Accessibility links

Chinese Rocket Lights Up Night Sky in Western US


A YouTube screen grab of a video of the Chinese rocket re-entering the atmosphere, visible in many places in the western U.S.

A YouTube screen grab of a video of the Chinese rocket re-entering the atmosphere, visible in many places in the western U.S.

This is what’s Trending Today…

People in the western United States could not believe their eyes Wednesday night when, high in the sky, a bright streak of light appeared.

Many people took photographs or made videos of the mysterious object in the sky. Within minutes, some posted their videos on social media.

The strange fireball streaks were seen in parts of Nevada, Utah and California.

Some people thought it was a meteor shower. After all, the Delta Aquarids meteor shower can be seen in many areas in the night sky this week.

But, as the U.S. Strategic Command confirmed, these bursts of light were not from small rocks traveling through outer space.

They came from a Chinese rocket re-entering Earth’s atmosphere. A spokeswoman for the Strategic Command told the Associated Press that remains of the Chinese Chang-Zheng (C-Z) 7 rocket re-entered the atmosphere at around 9:36 p.m., California time.

The CZ-7 was part of China’s new generation of rockets, experts say. The rocket was launched June 25. It was huge, weighing over 5 tons.

One Twitter user commenting about the event Wednesday night was Harvard astronomer Jonathan McDowell. He said it was rare for such large objects to re-enter the atmosphere.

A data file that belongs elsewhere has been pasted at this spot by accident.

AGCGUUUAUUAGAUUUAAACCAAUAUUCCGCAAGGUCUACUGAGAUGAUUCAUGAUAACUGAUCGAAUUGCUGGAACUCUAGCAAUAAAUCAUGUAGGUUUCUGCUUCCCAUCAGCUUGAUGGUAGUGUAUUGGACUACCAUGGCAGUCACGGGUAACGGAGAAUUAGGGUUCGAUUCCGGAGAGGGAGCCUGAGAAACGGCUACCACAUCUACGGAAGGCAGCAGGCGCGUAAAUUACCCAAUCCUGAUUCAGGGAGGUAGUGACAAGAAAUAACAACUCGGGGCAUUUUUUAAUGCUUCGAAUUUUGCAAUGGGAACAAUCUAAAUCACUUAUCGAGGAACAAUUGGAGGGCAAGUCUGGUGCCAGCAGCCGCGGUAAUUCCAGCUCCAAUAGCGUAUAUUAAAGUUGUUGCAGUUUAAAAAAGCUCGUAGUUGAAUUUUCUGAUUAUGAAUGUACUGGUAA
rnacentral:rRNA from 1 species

But the CZ-7 is not the biggest object to re-enter in 2016, he noted. Part of a Russian rocket that came down over Vietnam in January was even larger.

Experts say the Chinese rocket does not present a danger to people on the ground.

And that’s What’s Trending Today.

Ashley Thompson adapted this report from the Associated Press, with additional reporting. George Grow was the editor.

_______________________________________________________

Words in This Story

streak - n. a long, thin mark that is a different color from its background​

meteor shower - n. a large number of rocks or metal pieces that burn and glow brightly in the sky as they falls from outer space into the Earth's atmosphere

astronomer - n. a person who studies the stars, planets, and other objects in outer space

Show comments

XS
SM
MD
LG